Newsroom

Date: 8/11/2011

Lung Biopsy Patients benefit from New Minimally-Invasive Technology

Patients with lung disease seeking quicker results and a less invasive diagnostic experience will benefit from new technology being used by pulmonologists at St. Mary Medical Center in Hobart. Endobronchial ultrasound (EBUS) is a relatively new procedure used to diagnose lung cancer, infections or other diseases causing enlarged lymph nodes in the chest. Currently, St. Mary Medical Center is one of the few hospitals in Indiana to offer EBUS, a minimally invasive procedure that allows for speedy results.

EBUS allows physicians to perform a technique known as transbronchial needle aspiration (TBNA) to obtain tissue or fluid samples from the lungs and surrounding lymph nodes without surgery. The samples can be used for diagnosing and staging lung cancer, detecting infections, and identifying inflammatory diseases that affect the lungs.

“Endobroncial ultrasound-guided needle biopsies are becoming the preferred method for identifying and staging lung cancers,” says Charles Rebesco, M.D., board certified pulmonologist on staff at St. Mary Medical Center. “With the proper training and equipment, these minimally invasive procedures not only allow us access to more lymph nodes in the chest, we can perform our diagnostic and staging procedures within about an hour without surgery.”

Equally important, adds Rebesco, is that since EBUS is performed endoscopically, there is no scarring of tissue as there is with conventional surgical methods of staging lung cancers.

With EBUS, the physician is able to perform needle aspiration on the lymph nodes using a bronchoscope inserted through the mouth; no incision is necessary. A special endoscope fitted with an ultrasound processor and a fine-gauge aspiration needle is guided through the patient’s trachea. This technology provides real-time imaging of the surface of the airways, blood vessels, lungs, and lymph nodes. The highly defined, 3D images allow the physician to easily view previously difficult-to-reach areas and to reach more, and smaller, lymph nodes for biopsy with the aspiration needle than through the conventional surgery, called mediatinoscopy.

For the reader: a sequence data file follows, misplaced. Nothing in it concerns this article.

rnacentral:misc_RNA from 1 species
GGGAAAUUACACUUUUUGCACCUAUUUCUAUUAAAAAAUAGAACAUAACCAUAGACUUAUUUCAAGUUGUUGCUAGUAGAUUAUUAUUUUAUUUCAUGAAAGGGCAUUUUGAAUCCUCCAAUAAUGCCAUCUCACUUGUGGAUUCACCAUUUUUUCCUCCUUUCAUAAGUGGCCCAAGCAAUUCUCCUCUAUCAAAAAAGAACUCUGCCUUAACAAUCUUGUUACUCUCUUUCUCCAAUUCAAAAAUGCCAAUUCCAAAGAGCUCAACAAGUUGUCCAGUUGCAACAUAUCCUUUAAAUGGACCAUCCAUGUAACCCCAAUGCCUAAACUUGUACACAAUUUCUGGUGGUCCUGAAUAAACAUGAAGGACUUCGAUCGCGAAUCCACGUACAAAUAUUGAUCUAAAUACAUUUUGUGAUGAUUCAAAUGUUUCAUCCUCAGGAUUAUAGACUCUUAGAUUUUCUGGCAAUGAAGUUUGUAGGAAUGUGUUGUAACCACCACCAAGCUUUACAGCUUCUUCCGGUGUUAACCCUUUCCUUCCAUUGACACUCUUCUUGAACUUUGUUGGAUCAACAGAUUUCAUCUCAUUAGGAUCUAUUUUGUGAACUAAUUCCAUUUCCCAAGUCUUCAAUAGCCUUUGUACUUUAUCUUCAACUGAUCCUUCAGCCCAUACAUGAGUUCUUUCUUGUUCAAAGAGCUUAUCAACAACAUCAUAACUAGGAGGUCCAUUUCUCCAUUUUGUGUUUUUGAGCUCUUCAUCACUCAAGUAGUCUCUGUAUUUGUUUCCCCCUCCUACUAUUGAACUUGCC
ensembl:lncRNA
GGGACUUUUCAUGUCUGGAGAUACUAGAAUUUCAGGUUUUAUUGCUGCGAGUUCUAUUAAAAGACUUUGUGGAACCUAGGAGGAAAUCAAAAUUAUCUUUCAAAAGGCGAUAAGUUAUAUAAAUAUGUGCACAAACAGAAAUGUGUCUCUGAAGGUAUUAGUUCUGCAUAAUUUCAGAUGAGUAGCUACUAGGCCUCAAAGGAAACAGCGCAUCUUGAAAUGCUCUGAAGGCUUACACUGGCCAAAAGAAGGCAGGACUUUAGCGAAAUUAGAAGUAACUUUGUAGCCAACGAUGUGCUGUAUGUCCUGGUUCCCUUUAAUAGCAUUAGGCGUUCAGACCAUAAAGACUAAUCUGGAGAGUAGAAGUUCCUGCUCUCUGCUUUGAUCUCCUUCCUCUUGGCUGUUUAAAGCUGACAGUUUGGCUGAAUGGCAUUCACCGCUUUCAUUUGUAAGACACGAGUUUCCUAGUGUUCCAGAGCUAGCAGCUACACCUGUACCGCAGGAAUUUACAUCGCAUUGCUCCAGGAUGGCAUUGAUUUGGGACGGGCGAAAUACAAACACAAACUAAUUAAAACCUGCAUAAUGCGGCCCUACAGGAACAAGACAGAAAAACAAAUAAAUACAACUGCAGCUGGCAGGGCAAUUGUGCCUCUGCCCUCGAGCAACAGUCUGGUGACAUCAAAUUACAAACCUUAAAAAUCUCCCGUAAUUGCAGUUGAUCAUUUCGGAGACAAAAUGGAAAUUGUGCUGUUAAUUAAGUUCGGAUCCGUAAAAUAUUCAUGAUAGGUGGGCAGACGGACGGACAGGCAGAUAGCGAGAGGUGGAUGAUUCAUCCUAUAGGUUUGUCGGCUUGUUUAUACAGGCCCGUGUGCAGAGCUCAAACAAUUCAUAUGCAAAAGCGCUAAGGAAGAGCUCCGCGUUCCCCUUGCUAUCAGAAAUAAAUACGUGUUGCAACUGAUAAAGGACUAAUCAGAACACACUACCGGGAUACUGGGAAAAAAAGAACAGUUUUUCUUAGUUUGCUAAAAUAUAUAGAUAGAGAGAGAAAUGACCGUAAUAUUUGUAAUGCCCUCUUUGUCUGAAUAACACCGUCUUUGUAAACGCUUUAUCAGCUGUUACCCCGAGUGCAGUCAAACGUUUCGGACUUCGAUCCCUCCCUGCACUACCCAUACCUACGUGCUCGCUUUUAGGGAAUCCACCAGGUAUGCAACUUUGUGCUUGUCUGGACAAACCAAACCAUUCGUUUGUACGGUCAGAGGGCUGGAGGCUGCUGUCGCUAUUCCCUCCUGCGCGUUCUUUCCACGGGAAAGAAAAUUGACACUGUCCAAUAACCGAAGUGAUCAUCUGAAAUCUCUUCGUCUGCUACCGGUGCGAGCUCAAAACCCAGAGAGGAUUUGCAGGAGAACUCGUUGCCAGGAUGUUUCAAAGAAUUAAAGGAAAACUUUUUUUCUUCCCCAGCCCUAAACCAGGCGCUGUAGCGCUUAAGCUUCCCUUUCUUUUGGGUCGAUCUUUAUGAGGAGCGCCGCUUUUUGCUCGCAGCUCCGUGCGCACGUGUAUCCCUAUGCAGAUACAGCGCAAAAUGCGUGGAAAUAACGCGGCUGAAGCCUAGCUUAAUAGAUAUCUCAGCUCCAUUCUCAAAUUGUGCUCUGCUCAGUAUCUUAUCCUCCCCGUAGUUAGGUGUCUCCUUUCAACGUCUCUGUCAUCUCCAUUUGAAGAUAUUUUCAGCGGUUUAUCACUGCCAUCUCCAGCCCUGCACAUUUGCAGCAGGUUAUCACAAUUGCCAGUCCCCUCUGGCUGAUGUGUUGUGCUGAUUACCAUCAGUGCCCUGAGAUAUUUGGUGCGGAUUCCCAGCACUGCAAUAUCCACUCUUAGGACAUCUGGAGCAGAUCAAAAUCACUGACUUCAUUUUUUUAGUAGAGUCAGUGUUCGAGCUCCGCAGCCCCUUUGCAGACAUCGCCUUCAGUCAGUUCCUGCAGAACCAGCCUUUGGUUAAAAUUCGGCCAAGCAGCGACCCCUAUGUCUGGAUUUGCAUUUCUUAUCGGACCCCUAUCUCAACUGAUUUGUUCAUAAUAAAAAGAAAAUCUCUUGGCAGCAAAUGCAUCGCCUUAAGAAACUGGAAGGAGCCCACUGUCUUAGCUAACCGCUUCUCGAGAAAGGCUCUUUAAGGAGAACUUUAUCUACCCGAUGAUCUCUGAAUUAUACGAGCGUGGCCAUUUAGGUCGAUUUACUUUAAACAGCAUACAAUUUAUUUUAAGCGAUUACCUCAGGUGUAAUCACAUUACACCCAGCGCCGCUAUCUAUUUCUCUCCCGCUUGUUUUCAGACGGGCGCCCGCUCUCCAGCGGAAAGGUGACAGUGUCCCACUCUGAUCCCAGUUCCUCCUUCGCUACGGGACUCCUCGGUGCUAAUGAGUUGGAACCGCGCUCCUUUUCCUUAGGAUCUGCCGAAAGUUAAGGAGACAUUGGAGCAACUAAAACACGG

Mediastinoscopy is the ‘gold standard’ method for determining the presence of cancer in the lungs. Generally performed as an outpatient surgical procedure, it is associated with a low rate of complications and a high rate of accuracy. A small incision is made in the neck just above, or next to, the breastbone. Then, a thin scope, called a mediastinoscope, is inserted through the opening to provide access to the lungs and surrounding lymph nodes. Tissue or fluid is then gathered for examination.

But, many pulmonologists, including Rebesco are adopting the new technique for its diagnostic advantages. The accuracy and speed of the EBUS procedure enables a more rapid on-the-spot pathologic evaluation. Pathologists in the operating room can process and examine biopsy samples as they are gathered and can request additional samples to be taken at the same time, if necessary. This eliminates the need for the patient to be sedated again or come back for another biopsy procedure. With no incision, patients recover quickly and in most cases, go home the same day.

For more information about the cutting-edge technology and minimally invasive procedures offered by St. Mary Medical Center in Hobart, visit www.comhs.org.